The Lord doesn't want to bring discipline on any person or on any nation. He wants us to repent as soon as the Holy Spirit shows us we've gotten off track. If we immediately listen to the Holy Spirit and are sorry for our sin and confess it to God and repent of it, we can often escape God's discipline altogether for the wrong thing we did, although there may be some natural consequences of this world that we'll have to face for our mistake. But if we keep ignoring the Holy Spirit, and if we keep hardening our hearts against the guilt we feel, we'll fall further and further from our relationship with God and we'll fall into deeper and deeper levels of sin. This means the discipline we'll eventually face will be far worse than that which we'd have had to face if we'd repented at some earlier level of disobedience. The Lord, like any good father, wants to reward obedience. He doesn't want to have to administer discipline. But He wouldn't be a good father if He didn't correct us when we go off course. He'd far rather us have to endure unpleasant circumstances than to have us become complete reprobates and ruin our lives and perhaps even ruin the lives of those around us through our actions. God would not be a good father if He didn't discipline His children. He also wouldn't be holy and righteous if He didn't judge the sins of those who are not His children---the unbelievers of this world who have rejected Him and who continue to reject Him. A God who won't stand by His laws and enforce His laws is not a God to be worshiped. 

Sunday, November 22, 2020

Leviticus. Day 91, Discipline For Disobedience, Part One

In Saturday's study we looked at all the wonderful things the Lord vows to do for Israel in the promised land if the people will obey His laws and commandments. He intends to reward them for faithfulness. But, as we'll see today and tomorrow, He intends to discipline them if they are unfaithful. If they refuse to adhere to what He has said is right and good, misfortunes will come into their lives.

All the things He promised them in yesterday's passage sounded so good that it might be difficult for us to imagine why they would not want to be careful to obey Him so they can receive these huge blessings. I got to thinking about this and realized that there is a tendency for humans to be satisfied with what is mediocre. Perhaps if the Lord had not provided the portion of Scripture we'll be studying today and tomorrow, the people could have said to themselves, "Okay, so if we mess up on some of the stuff in the first half of Leviticus 26, we'll miss out on the really huge blessings, but we'll still have all we need in this good land and we'll still enjoy our freedom from slavery Egypt and we'll still be a sovereign nation that rules itself." But God is going to explain that things won't be okay if they aren't obedient. They might have been satisfied with mediocre faith and with the ordinary blessings of everyday life, but God doesn't think that's good enough for His children. Instead of mediocre faith, He wants them to have exceptional faith. Instead of ordinary blessings, He wants them to have extraordinary blessings. God wants more for mankind than mankind wants for himself, and that's why He has to remind us that we can't just go our own way and wallow in sin and expect Him to bless our disobedience. If He blessed our disobedience we'd never step up our game spiritually and be all we were created to be.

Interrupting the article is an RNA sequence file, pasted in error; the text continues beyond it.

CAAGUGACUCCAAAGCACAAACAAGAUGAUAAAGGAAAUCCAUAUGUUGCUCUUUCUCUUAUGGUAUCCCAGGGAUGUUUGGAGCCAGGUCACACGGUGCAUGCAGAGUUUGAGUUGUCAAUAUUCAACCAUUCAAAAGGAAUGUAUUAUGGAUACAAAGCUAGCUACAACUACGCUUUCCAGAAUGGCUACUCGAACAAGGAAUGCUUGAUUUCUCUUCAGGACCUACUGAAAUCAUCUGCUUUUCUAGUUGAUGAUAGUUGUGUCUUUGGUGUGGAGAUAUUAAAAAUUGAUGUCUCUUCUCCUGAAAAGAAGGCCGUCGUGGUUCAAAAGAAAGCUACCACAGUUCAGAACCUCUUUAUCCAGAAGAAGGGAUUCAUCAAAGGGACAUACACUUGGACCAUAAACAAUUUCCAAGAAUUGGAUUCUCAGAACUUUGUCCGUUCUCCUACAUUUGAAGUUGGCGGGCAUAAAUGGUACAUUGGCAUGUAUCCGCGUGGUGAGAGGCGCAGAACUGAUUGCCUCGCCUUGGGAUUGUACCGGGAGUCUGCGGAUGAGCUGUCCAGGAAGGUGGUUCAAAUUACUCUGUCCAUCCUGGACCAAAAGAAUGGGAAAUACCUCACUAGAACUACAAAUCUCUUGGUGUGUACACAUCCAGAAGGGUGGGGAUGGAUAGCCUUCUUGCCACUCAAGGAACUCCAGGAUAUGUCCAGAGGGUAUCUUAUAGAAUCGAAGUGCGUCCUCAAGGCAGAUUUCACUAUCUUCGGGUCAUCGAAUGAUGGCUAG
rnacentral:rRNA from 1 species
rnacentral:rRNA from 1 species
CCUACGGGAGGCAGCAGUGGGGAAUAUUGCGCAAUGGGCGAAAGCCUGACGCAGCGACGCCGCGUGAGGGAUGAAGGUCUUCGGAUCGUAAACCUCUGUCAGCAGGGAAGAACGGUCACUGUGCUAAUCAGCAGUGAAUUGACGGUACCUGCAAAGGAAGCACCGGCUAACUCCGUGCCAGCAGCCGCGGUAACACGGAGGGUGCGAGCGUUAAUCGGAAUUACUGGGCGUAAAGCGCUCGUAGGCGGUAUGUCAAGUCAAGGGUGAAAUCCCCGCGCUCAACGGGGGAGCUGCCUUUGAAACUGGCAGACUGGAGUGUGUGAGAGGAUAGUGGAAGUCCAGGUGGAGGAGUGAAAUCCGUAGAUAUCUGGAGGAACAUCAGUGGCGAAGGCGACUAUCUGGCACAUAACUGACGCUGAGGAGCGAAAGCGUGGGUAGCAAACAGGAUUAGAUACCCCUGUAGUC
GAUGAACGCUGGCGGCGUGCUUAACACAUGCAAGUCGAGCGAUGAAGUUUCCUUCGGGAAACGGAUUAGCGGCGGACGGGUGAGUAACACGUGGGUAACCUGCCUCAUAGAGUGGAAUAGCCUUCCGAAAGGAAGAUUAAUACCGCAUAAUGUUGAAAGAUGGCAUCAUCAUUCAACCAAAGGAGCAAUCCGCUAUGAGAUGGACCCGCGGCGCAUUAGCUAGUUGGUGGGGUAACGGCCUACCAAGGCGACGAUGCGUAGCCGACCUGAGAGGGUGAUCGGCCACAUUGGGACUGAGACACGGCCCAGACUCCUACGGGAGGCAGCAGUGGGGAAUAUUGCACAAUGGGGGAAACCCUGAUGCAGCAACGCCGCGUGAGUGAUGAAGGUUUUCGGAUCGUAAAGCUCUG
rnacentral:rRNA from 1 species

"But if you will not listen to Me and carry out all these commands, and if you reject My decrees and abhor My laws and fail to carry out all My commands and so violate My covenant, then I will do this to you: I will bring on you sudden terror, wasting diseases and fever that will destroy your sight and sap your strength. You will plant seed in vain, because your enemies will eat it. I will set My face against you so that you will be defeated by your enemies; those that hate you will rule over you, and you will flee even when no one is pursuing you." (Leviticus 26:14-17) He says, "If you reject Me and My commands, I will allow plague to come into your population. I will allow you to be defeated in battle. Your enemies will eat what you have planted. You will not enjoy good health or the fruit of the land or peace from your enemies if you break faith with Me."

If the Lord has to send these bad things into the nation to correct sinful behavior, and if the people don't take His discipline to heart and change their ways, He will have to resort to even harsher measures to turn them around. "If after all this you will not listen to Me, I will punish you for your sin seven times over. I will break down your stubborn pride and make the sky above you like iron and the ground beneath you like bronze. Your strength will be spent in vain, because your soil will not yield its crops, nor will the trees of your land yield their fruit." (Leviticus 26:18-20) Famine will result if the people continue to resist turning back to the Lord. The sky will be like iron; no rain will come through. The ground will be like bronze, so hard and dry that to try and cultivate it will be futile. The trees will be stricken with blight and will bear no fruit. If the loss of close fellowship with God was not enough to change their hearts, and if the loss of peace and safety wasn't enough to change their hearts, and if the emergence of plague into the land wasn't enough to change their hearts, perhaps growling bellies will compel them to turn back to God for mercy.